Weighty Matters

Just another WordPress.com site

Stress Overload

on April 27, 2016

So, just when I thought the stress was easing up and that I’d turned a corner, I got hit with a big thing.  Not big as in someone died big, but big.

We had a beautiful weekend here in the Florida Keys.  I went to Tai Chi class on Saturday, ran some errands and then stopped in to see a friend at work to firm up plans for a boat outing on Sunday.  While there I mentioned that I was driving up to see the Jungle Book movie and invited her to come along.  That excursion was fun.  We enjoyed the movie and then picked up dinner for ourselves and some other friends who are knew parents.  All around a great day.

Sunday morning dawned sunny and gorgeous with perfect wind and weather conditions to go out on the boat.  My friend came over and we headed out for a favorite snorkel spot.  Along the way we saw wild dolphins three times!  We changed the snorkeling plans when not another boat was moored out there and I felt uncomfortable about us being there alone.  Instead we went to a popular sandbar and anchored up.  We snacked, chatted and relaxed in the sun.  It was nearly perfect.

Great ride home with me loving the speed and smoothness of my practically new boat engines.   We got home when the tide was too low for me to float my boat onto the boat lift, so we tied up at my sea wall.  I flushed the engines and hosed down the boat.  My friend and I chatted for a while more and then she left.  The plan was that I’d go back out in a couple of hours when the tide had risen enough for me to move the boat to the lift.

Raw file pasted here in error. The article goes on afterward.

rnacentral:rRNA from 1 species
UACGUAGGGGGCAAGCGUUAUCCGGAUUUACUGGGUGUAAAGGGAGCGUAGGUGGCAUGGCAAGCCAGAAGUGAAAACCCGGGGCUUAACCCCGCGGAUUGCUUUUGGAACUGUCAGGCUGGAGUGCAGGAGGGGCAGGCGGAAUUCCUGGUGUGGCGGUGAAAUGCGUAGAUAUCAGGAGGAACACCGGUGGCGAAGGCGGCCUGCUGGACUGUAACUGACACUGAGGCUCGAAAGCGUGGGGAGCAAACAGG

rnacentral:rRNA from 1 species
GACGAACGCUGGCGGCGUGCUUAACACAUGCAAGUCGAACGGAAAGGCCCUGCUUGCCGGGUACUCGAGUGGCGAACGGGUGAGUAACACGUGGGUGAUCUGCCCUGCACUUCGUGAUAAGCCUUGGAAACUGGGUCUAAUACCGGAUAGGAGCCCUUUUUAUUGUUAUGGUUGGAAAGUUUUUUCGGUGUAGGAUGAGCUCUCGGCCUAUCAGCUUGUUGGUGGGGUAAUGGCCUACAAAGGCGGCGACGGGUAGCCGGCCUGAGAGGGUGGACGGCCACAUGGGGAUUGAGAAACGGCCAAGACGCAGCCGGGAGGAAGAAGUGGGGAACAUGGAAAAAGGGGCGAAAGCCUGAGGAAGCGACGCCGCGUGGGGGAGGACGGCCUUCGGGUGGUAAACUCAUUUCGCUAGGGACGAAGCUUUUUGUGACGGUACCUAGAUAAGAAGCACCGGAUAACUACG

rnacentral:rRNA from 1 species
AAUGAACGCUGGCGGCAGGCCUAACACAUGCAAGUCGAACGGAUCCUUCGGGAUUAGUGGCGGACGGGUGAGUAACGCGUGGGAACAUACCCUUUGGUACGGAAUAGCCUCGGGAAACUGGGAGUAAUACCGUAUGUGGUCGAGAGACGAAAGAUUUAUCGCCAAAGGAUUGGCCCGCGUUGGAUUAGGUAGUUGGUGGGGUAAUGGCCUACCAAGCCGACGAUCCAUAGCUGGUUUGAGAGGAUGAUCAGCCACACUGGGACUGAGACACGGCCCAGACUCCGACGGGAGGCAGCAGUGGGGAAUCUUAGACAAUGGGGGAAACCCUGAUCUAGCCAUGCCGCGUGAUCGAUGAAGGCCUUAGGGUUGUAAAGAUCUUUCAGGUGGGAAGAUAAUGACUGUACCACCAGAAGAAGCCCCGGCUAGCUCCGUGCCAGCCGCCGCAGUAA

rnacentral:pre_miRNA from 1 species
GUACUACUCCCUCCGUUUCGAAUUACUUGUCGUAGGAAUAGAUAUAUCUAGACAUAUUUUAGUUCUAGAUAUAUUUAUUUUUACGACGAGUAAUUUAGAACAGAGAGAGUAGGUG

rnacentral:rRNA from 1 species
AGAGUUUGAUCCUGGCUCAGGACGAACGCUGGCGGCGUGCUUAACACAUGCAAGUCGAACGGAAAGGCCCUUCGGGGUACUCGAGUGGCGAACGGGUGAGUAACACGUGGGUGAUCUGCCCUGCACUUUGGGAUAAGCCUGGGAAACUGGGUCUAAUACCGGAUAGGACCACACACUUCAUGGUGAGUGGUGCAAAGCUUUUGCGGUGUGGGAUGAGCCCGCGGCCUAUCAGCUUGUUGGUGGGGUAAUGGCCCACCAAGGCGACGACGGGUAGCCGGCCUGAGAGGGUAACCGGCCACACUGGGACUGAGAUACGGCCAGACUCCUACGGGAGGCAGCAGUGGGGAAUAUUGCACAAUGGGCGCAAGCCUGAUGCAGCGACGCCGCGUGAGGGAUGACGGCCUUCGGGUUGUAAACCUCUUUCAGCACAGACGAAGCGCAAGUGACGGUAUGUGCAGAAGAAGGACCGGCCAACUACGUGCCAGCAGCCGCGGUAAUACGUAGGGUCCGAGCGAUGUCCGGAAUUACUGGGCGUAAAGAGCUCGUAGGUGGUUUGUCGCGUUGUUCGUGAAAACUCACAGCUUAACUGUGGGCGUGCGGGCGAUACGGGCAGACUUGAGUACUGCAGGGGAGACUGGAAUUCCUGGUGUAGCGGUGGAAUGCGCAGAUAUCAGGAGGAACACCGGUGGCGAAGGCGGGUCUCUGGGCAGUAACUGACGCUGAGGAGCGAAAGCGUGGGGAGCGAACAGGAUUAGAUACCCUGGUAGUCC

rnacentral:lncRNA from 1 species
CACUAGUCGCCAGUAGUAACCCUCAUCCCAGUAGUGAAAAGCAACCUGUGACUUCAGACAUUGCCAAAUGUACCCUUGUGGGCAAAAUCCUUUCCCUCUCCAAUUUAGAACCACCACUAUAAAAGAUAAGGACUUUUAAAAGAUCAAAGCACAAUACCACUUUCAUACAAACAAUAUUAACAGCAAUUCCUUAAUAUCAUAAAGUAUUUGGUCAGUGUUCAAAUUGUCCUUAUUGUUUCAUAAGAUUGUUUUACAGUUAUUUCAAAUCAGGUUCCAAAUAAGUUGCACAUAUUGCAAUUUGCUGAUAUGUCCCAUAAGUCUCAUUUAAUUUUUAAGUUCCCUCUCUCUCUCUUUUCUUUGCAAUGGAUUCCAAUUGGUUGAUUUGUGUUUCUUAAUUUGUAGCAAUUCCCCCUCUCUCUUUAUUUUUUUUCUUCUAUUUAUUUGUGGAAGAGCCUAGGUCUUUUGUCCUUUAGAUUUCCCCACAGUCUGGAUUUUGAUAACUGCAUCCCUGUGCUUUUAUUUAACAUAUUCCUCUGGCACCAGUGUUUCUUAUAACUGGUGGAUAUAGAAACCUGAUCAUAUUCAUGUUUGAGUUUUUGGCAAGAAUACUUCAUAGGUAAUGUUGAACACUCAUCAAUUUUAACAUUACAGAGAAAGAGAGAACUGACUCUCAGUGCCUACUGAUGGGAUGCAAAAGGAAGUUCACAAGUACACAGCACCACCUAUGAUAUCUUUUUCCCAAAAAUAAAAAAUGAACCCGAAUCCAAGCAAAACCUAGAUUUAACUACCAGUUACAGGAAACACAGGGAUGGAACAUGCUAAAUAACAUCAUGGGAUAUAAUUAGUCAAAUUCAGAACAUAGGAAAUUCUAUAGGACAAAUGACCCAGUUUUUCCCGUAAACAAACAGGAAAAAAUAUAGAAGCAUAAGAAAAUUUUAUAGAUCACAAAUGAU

I puttered around the house, did some laundry, had dinner and actually wrote the blog post that I last posted.  Then i went outside to lift the boat and discovered that it was sinking.

Yes, sinking, as in it was listing to port and water was already filling up.  I immediately called friends on the phone in a near panic.  Seriously, coming out to find a sinking boat is not anything I’d ever previously experienced.  Bless my friends!  They rushed over and brought other people with them to help.  People I didn’t even know jumped in my boat and tried to bail water out.  It was amazing.  Unfortunately, it was also too late.  The tide continued to rise; water continued to fill and before we could believe it, my boat was on the bottom with its hull filled and the engines submerged.  (The water isn’t deep enough outside my house to cover the entire boat, but the parts that were covered with water were bad enough.)

More people came over so we could assess.  I was so stressed I could barely think straight.   It was awful but, again, having a boat sink was a new experience.

Thanks to knowledgeable people, I learned that once engines are submerged in salt water, you want them to remain submerged until you have experienced boat engine mechanics standing by to do something referred to as “pickling”.  So, everyone agreed that the boat was not going anywhere until the following day. At that point, one of the guys who happens to run the local boat towing service and salvage operation would come and raise her from the bottom… after, of course, the insurance company authorized him to do so.

About the most useful thing I did that night, other than thank everyone profusely, tip them some money in gratitude for trying to save my boat, and not pop a clot and pass out from stress, was to call my insurance company and open up a claim.  I went inside after everybody went home and sobbed myself into a massive headache.  Then I called my family and my close friend to warn them before I or anyone else posted the pictures on Facebook.  After a couple more hours of stress and hand wringing, I went to bed where I slept great for about three hours.  I woke up to use the bathroom and that was that.  Thoughts, what-ifs, what nexts and a myriad of other unproductive things ran through my brain like crazed hamsters and my ability to fall back asleep abandoned me.